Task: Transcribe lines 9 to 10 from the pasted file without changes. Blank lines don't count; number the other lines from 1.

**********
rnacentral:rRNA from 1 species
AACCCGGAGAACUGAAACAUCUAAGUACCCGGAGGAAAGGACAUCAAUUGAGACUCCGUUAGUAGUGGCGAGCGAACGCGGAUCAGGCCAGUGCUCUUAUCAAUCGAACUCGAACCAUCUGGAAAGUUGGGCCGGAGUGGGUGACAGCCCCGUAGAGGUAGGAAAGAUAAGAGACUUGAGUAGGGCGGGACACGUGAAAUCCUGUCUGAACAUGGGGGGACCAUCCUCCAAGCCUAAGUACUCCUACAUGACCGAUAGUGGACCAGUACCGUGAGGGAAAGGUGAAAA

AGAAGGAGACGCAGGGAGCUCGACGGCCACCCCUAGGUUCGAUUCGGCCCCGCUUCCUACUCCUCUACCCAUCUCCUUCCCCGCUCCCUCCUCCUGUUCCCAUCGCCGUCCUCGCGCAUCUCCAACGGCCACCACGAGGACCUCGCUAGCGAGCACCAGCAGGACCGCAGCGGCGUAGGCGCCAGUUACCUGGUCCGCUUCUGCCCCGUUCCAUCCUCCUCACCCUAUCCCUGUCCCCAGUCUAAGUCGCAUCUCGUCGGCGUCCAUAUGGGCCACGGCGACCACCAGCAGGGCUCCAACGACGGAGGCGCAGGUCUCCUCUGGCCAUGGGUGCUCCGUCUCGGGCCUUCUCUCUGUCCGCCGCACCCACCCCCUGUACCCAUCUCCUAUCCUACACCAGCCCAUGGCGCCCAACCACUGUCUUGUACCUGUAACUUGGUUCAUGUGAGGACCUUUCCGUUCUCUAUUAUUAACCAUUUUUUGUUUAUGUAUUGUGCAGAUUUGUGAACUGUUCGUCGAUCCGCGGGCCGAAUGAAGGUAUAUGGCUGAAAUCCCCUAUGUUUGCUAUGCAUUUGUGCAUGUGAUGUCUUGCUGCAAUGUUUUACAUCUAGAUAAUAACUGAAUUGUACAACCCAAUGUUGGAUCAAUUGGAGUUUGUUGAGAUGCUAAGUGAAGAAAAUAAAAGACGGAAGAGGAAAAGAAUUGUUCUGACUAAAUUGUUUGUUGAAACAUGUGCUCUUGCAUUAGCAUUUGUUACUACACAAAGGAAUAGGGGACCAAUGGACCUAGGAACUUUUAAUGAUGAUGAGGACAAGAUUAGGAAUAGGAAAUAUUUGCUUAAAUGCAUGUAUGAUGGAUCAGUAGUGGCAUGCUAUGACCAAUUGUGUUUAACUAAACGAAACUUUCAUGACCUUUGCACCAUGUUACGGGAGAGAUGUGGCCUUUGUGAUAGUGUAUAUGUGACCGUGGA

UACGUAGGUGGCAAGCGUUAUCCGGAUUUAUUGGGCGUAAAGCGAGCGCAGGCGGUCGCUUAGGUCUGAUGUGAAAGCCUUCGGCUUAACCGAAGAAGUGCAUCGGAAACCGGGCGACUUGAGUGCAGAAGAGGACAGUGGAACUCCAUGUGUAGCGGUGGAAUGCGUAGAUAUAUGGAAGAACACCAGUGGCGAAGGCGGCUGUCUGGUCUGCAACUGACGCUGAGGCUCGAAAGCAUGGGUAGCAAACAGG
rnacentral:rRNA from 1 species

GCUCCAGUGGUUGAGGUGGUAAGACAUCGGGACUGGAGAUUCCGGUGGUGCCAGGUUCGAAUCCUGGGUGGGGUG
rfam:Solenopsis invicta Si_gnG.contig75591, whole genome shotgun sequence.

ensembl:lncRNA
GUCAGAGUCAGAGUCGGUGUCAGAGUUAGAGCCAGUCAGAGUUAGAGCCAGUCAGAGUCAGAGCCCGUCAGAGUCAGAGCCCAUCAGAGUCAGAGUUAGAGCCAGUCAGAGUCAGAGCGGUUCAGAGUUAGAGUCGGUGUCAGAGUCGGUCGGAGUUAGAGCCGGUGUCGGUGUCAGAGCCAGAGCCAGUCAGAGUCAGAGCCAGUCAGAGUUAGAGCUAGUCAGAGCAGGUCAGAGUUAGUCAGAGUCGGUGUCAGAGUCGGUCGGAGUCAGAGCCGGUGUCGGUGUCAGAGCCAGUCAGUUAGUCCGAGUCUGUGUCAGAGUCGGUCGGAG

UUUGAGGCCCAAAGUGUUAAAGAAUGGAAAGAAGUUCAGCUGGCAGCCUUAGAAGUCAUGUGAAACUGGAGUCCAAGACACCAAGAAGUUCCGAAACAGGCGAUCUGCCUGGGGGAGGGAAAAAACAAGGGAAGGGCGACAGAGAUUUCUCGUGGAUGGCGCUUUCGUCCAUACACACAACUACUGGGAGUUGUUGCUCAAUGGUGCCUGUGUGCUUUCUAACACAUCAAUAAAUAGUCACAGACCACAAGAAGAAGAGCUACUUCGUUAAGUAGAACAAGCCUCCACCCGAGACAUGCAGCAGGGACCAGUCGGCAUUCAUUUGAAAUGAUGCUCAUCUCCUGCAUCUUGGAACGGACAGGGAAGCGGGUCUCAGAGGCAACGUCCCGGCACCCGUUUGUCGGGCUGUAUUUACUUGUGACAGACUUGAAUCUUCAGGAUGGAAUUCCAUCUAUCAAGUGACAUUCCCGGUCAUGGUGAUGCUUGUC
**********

GUCAGAGUCAGAGUCGGUGUCAGAGUUAGAGCCAGUCAGAGUUAGAGCCAGUCAGAGUCAGAGCCCGUCAGAGUCAGAGCCCAUCAGAGUCAGAGUUAGAGCCAGUCAGAGUCAGAGCGGUUCAGAGUUAGAGUCGGUGUCAGAGUCGGUCGGAGUUAGAGCCGGUGUCGGUGUCAGAGCCAGAGCCAGUCAGAGUCAGAGCCAGUCAGAGUUAGAGCUAGUCAGAGCAGGUCAGAGUUAGUCAGAGUCGGUGUCAGAGUCGGUCGGAGUCAGAGCCGGUGUCGGUGUCAGAGCCAGUCAGUUAGUCCGAGUCUGUGUCAGAGUCGGUCGGAG

UUUGAGGCCCAAAGUGUUAAAGAAUGGAAAGAAGUUCAGCUGGCAGCCUUAGAAGUCAUGUGAAACUGGAGUCCAAGACACCAAGAAGUUCCGAAACAGGCGAUCUGCCUGGGGGAGGGAAAAAACAAGGGAAGGGCGACAGAGAUUUCUCGUGGAUGGCGCUUUCGUCCAUACACACAACUACUGGGAGUUGUUGCUCAAUGGUGCCUGUGUGCUUUCUAACACAUCAAUAAAUAGUCACAGACCACAAGAAGAAGAGCUACUUCGUUAAGUAGAACAAGCCUCCACCCGAGACAUGCAGCAGGGACCAGUCGGCAUUCAUUUGAAAUGAUGCUCAUCUCCUGCAUCUUGGAACGGACAGGGAAGCGGGUCUCAGAGGCAACGUCCCGGCACCCGUUUGUCGGGCUGUAUUUACUUGUGACAGACUUGAAUCUUCAGGAUGGAAUUCCAUCUAUCAAGUGACAUUCCCGGUCAUGGUGAUGCUUGUC